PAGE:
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Customer Review

141 of 150 people found the following review helpful
5.0 out of 5 stars EASY-PEASY HEATING ECONOMY, 19 Nov. 2010
This review is from: tesa 05432 Insulating Film for Windows, Transparent 4m x 1.5m (max) (DIY & Tools)
An excellent product, not least because it is easy to use. After some initial experience I was able to install the film as tight as a drum without having to use the hair dryer. This is because the film will lift off the adhesive strip for progressive tightening adjustment. It's not like contact adhesive, where, if you don't put something in exactly the right place, you're stuck with it. You can lift and adjust again and again until the film is invisibly taut.

The lifting and adjusting technique is rather easier if there is a nice wide frame around the glass. So the trick, I've learned, is to fix the adhesive strip close to the glass, so as to leave the maximum width of frame for fingers to grip and pull.

If a window is deeply-recessed and has only a very narrow frame around it, like some of mine, the job's a bit harder, and you could get a few creases. But the hairdryer will take care of moderate creasing.

Best of all is the double-sided adhesive strip. Picking the backing off double-sided tape can be a nightmare--but not with the Tesa stuff. Providing it is firmly thumbed down, a sharp craft knife lifts the backing off like a dream.

Be kind to insects. I sealed up a greenfly in one of my windows. I expect he'll crawl about and crap all over it. I don't blame him; I'd do the same.
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Tracked by 5 customers

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Showing 1-5 of 5 posts in this discussion
Initial post: 6 Jan 2011 08:19:11 GMT
N. VICTOR says:
A fine informative and insightfull piece of writting 5 * stars to the man with an ex insect and a warm house.

Posted on 31 Oct 2012 14:26:17 GMT
monotone says:
Yours seems the most informative review on here, so I hope you can help by answering one question: is the double sided tape provided clear? I'm looking to apply this film to windows with a dark wooden frame, so white tape would be no good! :)

In reply to an earlier post on 31 Oct 2012 20:55:21 GMT
I'm pleased to tell you that the tape is perfectly clear, and suitable for dark wood. I used the Tesa product on a glazed, hardwood door. Of course, where the film adheres to the wood, the surface is very shiny (shinier than the wood itself) but this is the film reflecting light, not the adhesive tape. Your request for more information has prompted me (just now) to take another look at my Tesa-sealed windows. In the kitchen I found the film surfaces to be very dirty-not surprising, perhaps, since they've been in place for almost two years. Before returning to my keyboard, I did a quick experiment, and succeeded in cleaning the surface with a damp tissue.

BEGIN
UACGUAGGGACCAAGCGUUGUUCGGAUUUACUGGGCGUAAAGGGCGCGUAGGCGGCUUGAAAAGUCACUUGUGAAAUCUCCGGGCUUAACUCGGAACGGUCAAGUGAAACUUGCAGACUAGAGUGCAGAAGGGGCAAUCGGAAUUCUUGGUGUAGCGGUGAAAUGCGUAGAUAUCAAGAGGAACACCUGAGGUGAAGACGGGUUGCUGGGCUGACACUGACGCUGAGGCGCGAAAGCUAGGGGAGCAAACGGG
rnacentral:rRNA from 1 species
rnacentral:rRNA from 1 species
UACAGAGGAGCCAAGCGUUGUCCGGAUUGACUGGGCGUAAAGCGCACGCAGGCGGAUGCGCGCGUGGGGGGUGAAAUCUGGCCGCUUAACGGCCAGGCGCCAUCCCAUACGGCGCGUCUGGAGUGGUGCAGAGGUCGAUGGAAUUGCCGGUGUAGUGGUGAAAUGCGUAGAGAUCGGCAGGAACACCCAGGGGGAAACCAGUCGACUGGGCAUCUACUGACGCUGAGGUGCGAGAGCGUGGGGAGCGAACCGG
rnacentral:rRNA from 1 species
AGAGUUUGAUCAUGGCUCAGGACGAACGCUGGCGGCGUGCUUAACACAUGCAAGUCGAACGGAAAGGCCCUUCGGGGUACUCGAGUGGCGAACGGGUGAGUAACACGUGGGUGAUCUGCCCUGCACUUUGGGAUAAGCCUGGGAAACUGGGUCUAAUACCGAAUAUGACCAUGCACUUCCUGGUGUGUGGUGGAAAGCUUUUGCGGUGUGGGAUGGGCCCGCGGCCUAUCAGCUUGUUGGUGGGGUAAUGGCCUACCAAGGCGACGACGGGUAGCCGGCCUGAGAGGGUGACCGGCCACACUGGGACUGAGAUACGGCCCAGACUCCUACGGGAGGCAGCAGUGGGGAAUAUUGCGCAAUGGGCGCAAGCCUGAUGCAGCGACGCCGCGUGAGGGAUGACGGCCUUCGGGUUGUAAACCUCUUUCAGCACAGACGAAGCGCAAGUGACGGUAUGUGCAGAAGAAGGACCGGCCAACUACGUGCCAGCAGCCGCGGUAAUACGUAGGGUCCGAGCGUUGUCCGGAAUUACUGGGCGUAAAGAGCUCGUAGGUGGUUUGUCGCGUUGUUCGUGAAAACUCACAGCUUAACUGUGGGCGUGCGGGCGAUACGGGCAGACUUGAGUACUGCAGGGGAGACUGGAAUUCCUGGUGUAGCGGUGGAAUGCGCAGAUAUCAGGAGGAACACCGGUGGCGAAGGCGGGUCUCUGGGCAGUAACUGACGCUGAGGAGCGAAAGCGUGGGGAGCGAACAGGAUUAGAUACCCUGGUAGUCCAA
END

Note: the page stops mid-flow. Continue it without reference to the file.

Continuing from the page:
I have now read the critical review by "Northern Climes" in which he says that the Tesa product has given his windows a 'grey tinge'. I simply do not understand this. Did he seal in some moisture? This might evaporate and condense on the inner surface of the film or on the glass. The Tesa film is totally colourless, and unless you instal it during a chip-pan fire you can expect it to be entirely invisible. As for the tape's adhesion not being as great as the competitive product, perhaps this is what allowed me to make my film really taut, by making lifting and stretching adjustments. See my original review.

Some people are using this product to seal off draughty windows, and there is no doubt it will do so very effectively. But you should understand that if air is coming in from outside you will not achieve the insulation associated with secondary glazing. The pocket of trapped air between the film and the glass must be sealed off from both the air in the room and the outside atmosphere. Only then will the film be warm to the touch, as described by "Northern Climes".

Good luck, Monotone. If your snobby neighbours, with thousands of pounds worth of posh, sealed units, rib you about sticking 'cellophane' on your windows, take pleasure in the fact that a thin, plastic film transmits less [much less] costly heat to the outside world than solid glass.

In reply to an earlier post on 1 Nov 2012 01:16:41 GMT
monotone says:
Thank you for taking the time to not only answer my question, but to also add further valuable information!

Our windows seem well sealed, so it's just a case of using them for their intended purpose as a second layer. They seem exactly what we need to reduce our bills :)

Posted on 23 Jan 2014 01:12:58 GMT
Bazza says:
Very handy info. The greenfly comment made me smile! but, it did highlight what can happen, thank you.
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